If -- God forbid -- you ever find yourself suffering a heart attack or part of a violent automotive collision, rest easy knowing it won't be me rushing to save you.

If -- God forbid -- you ever find yourself suffering a heart attack or part of a violent automotive collision, rest easy knowing it won't be me rushing to save you.

Working as a journalist has helped me hone my touch-typing skills, but it hasn't prepared me to respond to a medical emergency, I found out this month.

On Aug. 17, I participated in the Fire Ops 101 program, a new hands-on course offered by the Liberty Township Fire Department designed to show some of the challenges of being a firefighter and paramedic. All employees of the local fire department are both.

Challenging it was.

I jumped in midway through the comprehensive six-hour course and was immediately tasked with rescuing two plastic dummies trapped inside a set of smashed-in cars following a T-bone collision.

I quickly learned the famous Jaws of Life isn't a lightweight tool.

The massive hand-held cutters and spreaders weigh about 40 pounds each and must be constantly repositioned to get the best angle on the mangled steel separating you from the injured victims within.

Halfway through the scenario, I paused to joke, "At what point do you get to stop and take a break?"

Outfitted in full fire gear, including a heavy suit, boots and helmet, and under the sweltering August sun, I was pooped.

Of course, in a real emergency, there are no breaks.

These victims were lifeless dummies, and the vehicles were scrap-yard junkers smashed up for effect, but the physical challenge of the exercise was very real.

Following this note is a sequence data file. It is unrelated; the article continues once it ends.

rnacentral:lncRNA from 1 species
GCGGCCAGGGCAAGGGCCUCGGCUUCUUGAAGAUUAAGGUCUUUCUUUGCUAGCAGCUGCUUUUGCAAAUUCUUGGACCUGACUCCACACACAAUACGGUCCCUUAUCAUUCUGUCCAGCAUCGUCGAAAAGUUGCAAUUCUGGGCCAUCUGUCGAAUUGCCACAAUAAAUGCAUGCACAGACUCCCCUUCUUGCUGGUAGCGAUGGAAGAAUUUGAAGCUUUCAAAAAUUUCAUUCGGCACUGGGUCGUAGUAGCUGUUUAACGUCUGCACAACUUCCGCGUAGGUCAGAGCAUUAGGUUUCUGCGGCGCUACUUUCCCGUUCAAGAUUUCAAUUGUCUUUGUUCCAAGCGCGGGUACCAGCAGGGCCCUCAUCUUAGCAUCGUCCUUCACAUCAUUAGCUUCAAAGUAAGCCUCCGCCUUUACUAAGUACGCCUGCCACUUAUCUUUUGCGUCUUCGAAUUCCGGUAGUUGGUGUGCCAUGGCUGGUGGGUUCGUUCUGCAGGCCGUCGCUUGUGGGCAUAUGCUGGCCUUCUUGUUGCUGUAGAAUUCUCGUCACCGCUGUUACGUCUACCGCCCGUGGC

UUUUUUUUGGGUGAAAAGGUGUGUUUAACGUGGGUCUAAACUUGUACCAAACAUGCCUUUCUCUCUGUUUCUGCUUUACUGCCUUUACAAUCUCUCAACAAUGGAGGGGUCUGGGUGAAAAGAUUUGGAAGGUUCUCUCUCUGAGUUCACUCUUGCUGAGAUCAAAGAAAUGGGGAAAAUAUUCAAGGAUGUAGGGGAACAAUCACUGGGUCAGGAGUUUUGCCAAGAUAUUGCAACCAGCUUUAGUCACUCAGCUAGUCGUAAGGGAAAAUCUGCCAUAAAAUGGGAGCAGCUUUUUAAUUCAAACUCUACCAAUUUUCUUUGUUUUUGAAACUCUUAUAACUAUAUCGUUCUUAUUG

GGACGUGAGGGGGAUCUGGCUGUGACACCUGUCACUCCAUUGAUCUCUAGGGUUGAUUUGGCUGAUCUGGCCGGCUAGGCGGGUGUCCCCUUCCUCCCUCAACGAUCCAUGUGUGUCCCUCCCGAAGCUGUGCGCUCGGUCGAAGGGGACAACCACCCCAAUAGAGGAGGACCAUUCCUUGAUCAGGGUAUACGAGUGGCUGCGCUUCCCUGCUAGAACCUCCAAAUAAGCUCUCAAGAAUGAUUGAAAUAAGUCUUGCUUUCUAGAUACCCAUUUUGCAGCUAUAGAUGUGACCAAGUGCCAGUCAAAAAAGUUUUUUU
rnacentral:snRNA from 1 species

The local fire department invited civic and community leaders to participate in the workshop. Fire Chief Tim Jensen said it was an opportunity to show local leaders what being a firefighter is really like.

Ultimately, just three showed up: Powell City Councilman Jim Hrivnak; Columbus Zoo Security Director Richard Rapp; and Roxie Dragoo, who helps to run the homeowner's association in Powell's Strathshire subdivision.

Nobody thinks being a firefighter or paramedic is easy. We all understand that both jobs take countless hours of training and that both are physically and emotionally difficult.

Yeah, maybe those giant cutters wouldn't have seemed so heavy if I hit the gym once in a while.

Still, I would have hoped to see more local leaders taking advantage of an eye-opening opportunity afforded by the Liberty Township Fire Department.

A Saturday-morning workshop may present some scheduling conflicts, and the chance to sleep in after a long work week can be tempting.

But the experience of performing an emergency intubation -- the practice of inserting a breathing tube down the throat of a patient in critical care -- while speeding down a winding, bumpy road in the back of a medic isn't one I'll soon forget.

As I struggled to get a clear view of the esophagus down the throat of a training dummy, my surroundings constantly jostling and jumping, I realized the practical realities of a medical emergency are worth knowing about.

I'm more thankful than ever that trained professionals are standing by in my community, ready to arrive on my doorstep at a moment's notice if I need them.

Meanwhile, township leaders are embroiled in a furious debate about the future of the local fire department.

On Nov. 6, voters will decide whether they want to keep fire and emergency medical services in their current state, or opt to cut costs.

Much of the debate is purely academic -- comparing budgets and staffing levels in the township with those in neighboring communities, for instance.

Other questions are more personal, such as asking how much firefighter-paramedics deserve to be paid for the work they do in the first place.

Whichever side of the debate you ultimately come down on, those decisions might be informed in some small way by a bit of mutual understanding.

The inaugural session of the Fire Ops 101 program wasn't the last. Jensen hopes to run the workshop in years to come.

Whatever happens this November, those who receive invitations next year might take some time to carefully consider attending.

Brett Nuckles is a staff reproter for ThisWeek Olentangy Valley News.